Groups don't want utilities to raise rates to build nuclear plants

Posted February 1, 2011

— Several organizations fired a pre-emptive strike Tuesday against plans by two North Carolina utilities to streamline the process for seeking rate increases to pay for new nuclear plants.

The groups bought a full-page advertisement in The News & Observer newspaper and even wrote a column urging people to lobby against any legislation that would allow Progress Energy and Duke Energy to charge customers upfront for some of the costs associated with building new plants.

"We don't think the streamlined approach is the way to go," said Bill Wilson, associate state director for advocacy at AARP of North Carolina, one of the groups behind the ad. "Rates would go up for people, so that's a problem. The second thing is that we really believe in public scrutiny."

Groups don't want utilities to raise rates to build nuclear plants Groups don't want utilities to raise rates to build nuclear plants

Progress Energy and Duke Energy are in the process of merging into the nation's largest electric utility. The combined company plans to build four more nuclear generators, including two at the Shearon Harris site in southwest Wake County, at a cost of about $10 billion each.

"Nuclear has to be part of the equation (to meet growing demand)," Progress Energy spokesman Mike Hughes said. "Nuclear is a very expensive option to build. Nuclear is also our least-cost option to operate."

Hughes said the majority of the construction costs would be charged to customers after the nuclear plants are in service, but the utilities want a way to raise rates before the plants come on line to recover costs for site selection and preparation, financing and operations and maintenance.

Progress Energy already has spent tens of millions of dollars, for example, on pre-construction studies and applications for the two Shearon Harris generators. The units are still awaiting regulatory approval and might not be built for another three years.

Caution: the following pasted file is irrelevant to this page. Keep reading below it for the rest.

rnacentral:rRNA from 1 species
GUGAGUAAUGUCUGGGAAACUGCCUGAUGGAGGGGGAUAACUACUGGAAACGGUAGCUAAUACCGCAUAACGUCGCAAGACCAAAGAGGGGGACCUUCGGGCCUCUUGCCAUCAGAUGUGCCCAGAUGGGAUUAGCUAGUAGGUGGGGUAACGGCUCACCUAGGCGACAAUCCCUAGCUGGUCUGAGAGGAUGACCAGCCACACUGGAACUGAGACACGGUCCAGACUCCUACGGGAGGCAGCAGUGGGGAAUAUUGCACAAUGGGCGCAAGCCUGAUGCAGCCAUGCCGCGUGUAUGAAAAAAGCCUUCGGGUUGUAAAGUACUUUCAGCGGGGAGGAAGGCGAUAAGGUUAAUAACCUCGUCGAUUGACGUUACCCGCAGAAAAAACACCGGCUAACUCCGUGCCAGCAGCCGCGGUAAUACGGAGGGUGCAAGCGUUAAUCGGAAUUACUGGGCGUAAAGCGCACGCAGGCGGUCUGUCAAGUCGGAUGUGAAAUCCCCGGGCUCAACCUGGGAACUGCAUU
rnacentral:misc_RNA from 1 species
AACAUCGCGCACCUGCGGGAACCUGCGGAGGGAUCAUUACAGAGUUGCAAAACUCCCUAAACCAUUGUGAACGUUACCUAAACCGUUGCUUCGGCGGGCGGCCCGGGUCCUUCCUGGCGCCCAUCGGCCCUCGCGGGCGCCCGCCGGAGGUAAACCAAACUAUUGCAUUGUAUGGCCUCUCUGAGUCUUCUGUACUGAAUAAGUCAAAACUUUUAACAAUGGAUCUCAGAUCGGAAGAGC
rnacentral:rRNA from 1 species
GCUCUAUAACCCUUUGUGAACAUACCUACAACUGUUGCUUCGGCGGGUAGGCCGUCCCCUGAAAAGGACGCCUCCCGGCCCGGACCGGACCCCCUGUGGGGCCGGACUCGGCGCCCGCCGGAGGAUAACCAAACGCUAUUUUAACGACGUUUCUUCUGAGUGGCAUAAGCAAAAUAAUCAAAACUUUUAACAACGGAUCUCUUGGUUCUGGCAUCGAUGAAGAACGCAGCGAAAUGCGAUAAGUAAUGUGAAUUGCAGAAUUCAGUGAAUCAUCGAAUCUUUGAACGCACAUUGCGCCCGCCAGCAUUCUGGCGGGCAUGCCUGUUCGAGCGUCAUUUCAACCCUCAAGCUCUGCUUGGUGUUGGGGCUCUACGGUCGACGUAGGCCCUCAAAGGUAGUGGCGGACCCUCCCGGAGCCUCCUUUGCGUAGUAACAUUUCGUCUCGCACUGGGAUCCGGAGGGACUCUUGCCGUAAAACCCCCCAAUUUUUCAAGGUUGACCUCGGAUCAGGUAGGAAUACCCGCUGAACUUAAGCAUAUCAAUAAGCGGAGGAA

A streamlined rate plan would allow the North Carolina Utilities Commission to review each rate increase tied to those costs but would avoid a full-blown public hearing every year, he said, noting such hearings are costly and time-consuming.

"We're going to do everything we can to minimize the impact on customers," he said.

Although no bill has been introduced in the House or Senate, Wilson said the AARP and other groups don't like the potential risk to utility customers.

"We would like to see the process maintained as it is, where we know we have significant input from the public," he said.


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  • Viewer Feb 2, 2011

    Think about sometime in the near future when the very techie folks in the RTP all plug in their E-Cars in the evening for recharging. It's not going to work. Get those new power plants sooner, rather than later. Until then I'll stick with my gasoline powered car.

  • ncpolitics Feb 2, 2011

    This issue is not about whether to build nuclear power plants, but whether the utility monopoly that has a guaranteed profit should have to go before the NC Utilities Commission to have to make their case for a rate hike (before the plant goes online). That's what happens in a "regulated" monopoly. The public deserves some input on this.

  • djofraleigh Feb 1, 2011

    where is the waste going? Harris is full.

  • smcallah Feb 1, 2011

    What exactly do these people think will replace nuclear power if these new reactors aren't built?

    Coal? Natural Gas? Those are limited and polluting, both in burning and mining.

    Solar? North Carolina is not a climate where you can have solar energy. We do not get enough sun. Where solar is big is in deserts, where there is sun almost 365 days a year.

    Wind? The coastal plains and foothills of NC cannot support wind. We would have to build turbines even taller than they are built in the mountains to get up to the height where there is enough wind for power generation. Or they'd have to be built so far off the coast that it would be about as expensive as building the nuclear reactors.

    Stop believing in movies and TV shows. These are not Soviet grade reactors that will be built. Nuclear reactors have never killed anyone in this country.

  • Viewer Feb 1, 2011

    The population is expanding. We need much more electricity. When the brown outs start who will these groups blame? Certainly not their high minded selves.

  • whatelseisnew Feb 1, 2011

    "The units are still awaiting regulatory approval and might not be built for another three years."

    This is what should be attacked. It should not take this long for approval. I guess in the meantime we can just keep burning up that coal that everyone loves.